The rotaries are very low on both Division Bell and Pulse. I don’t know why but it’s about taste I guess. You’d hear if they weren’t there but compare Division Bell with Endless River or, as you say, Pulse with a bootleg from that tour and you’ll hear how dominating they really were. My favourite bootleg from the ’94 tour, and the best one to really hear the Doppolas, is the Modena, Italy show.

      • Brad Roller says:

        Yes I agree about the Modena show. There’s a hey you bootleg and it sounds better, to me, than the version that was released on the PULSE cd simply because of how much louder the doppolas are. To me, it’s similar to how loud his yamahas were on “Is there anybody out there”. Cheers!

        • Bjorn says:

          Where is the Hey You from? I have the TV version of the PULSE DVD, which was a live broadcast I think. It’s unpolished and you can hear lots of mistakes but David’s guitars sounds so much better than on the final CD and DVD.

          • Brad Roller says:

            Here’s a link to the one I’m referring to. The footage seems to be different from the audio. But sounds great to me. How would I be able to hear the live broadcast version you have?

            • Bjorn says:

              Great version, indeed! I have a bootleg called Serious Intermission, which is the TV broadcast of the Earl’s Court show on October 20th. I’m sure you’ll find a torrent somewhere :)

              • Brad Roller says:

                Thanks so much! So it’s safe to say, had pulse not been edited so much, you’d love it more than so? ;)

                • Bjorn says:

                  Me? I love Pulse! It’s never been my favourite Gilmour era but the album, tour and DVD is phenomenal. I’ve always preferred bootlegs over studio albums and official live recordings but I have nothing against Pulse :) Or Delicate, for that matter :)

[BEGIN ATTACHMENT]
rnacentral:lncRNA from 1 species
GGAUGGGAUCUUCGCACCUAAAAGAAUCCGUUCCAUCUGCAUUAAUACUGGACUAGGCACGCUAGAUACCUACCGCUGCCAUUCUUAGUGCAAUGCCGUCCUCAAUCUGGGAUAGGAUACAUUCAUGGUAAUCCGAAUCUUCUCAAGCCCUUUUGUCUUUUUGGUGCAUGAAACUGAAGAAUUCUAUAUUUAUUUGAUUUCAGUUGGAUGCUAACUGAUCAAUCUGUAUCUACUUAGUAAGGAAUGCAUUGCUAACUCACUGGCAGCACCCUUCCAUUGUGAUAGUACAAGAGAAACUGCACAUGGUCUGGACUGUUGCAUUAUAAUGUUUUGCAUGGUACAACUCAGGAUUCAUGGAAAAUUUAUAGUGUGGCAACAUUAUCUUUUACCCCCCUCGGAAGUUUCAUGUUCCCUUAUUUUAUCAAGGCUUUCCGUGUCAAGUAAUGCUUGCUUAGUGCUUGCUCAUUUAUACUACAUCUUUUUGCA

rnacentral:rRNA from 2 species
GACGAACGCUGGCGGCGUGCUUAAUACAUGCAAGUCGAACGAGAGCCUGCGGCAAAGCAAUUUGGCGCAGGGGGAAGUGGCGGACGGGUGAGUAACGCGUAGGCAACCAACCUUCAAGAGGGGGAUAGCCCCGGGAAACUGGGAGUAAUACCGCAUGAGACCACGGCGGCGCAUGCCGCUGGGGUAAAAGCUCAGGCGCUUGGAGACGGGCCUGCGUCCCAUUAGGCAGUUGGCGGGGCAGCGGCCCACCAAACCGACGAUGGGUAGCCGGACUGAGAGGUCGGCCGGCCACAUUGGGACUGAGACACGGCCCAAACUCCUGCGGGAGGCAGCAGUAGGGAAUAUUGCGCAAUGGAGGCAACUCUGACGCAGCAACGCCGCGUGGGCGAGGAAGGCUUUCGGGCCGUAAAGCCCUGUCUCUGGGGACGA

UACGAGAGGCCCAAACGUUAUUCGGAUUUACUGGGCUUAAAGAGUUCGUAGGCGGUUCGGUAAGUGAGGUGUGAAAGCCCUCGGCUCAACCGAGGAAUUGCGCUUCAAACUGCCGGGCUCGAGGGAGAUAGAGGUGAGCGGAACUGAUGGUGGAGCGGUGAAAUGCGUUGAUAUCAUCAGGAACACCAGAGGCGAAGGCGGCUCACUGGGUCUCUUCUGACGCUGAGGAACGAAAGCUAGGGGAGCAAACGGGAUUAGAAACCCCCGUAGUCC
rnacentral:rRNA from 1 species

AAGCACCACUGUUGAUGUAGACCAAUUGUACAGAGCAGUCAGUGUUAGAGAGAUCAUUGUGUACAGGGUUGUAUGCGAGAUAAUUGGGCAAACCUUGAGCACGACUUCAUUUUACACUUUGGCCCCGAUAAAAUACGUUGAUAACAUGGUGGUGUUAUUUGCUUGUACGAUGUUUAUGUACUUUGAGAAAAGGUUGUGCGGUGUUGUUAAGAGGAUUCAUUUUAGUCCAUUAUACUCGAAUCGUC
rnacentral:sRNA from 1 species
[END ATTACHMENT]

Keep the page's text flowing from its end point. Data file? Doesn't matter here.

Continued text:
17. Steve says:

    Hello Bjorn, It’s Steve from Buffalo FX. Just read this article and thought I’d better fill you in on some technical stuff, it’s boring but you might want to know for future reference;)

    The Cornish G2 is based on a big muff, completely different circuit to a RAT about 3 times as many parts, transistors not opamp gain stages.

    The RAT has silicon diodes shunted to ground for harder clipping, the G2 has soft clipping with a mix of silicon and germanium.

    The Evo has the same 2 clipping stages as the G2 but other than that the circuit is different, only the middle 40% has the same topology (big muff) although the values are different. The Evo uses 3 x transistors & 1 x opamp. G2 uses 5 transistors inc buffer. RAT 1 opamp and 1 transistor. Completely different circuits.

    Speak soon

    Steve

    • Bjorn says:

      Thanks for the input Steve! Of course, you’re absolutely right. I was referring to the sonic qualities and similarities but ventured into some technical stuff that isn’t my strongest side. Thanks!

  18. Jorrit says:

    This might be exactly the pedal I’m looking for. I own a JH Fuzz Face and an old Muff Deluxe, either with a low fuzz setting and a fully driven ts-9 playing on ssl-5 trying to get a more mellow David-esque tone, similar to the sound of this video. This pedal seems to do what I’m looking for! (Unlike many other distortion pedals.)

    I’m also glad seeing you play ‘On the Turning Away’, it’s definitely one of my favourite Gilmour songs (music and lyric-wise) and solo sound.

    One specific question: Did you play with the tone knob on the guitar at all in these recordings? And if so, how does it respond?

    Thanks in general for all the effort you make in all this, greetings from a weekly lurker!

  19. KEITH says: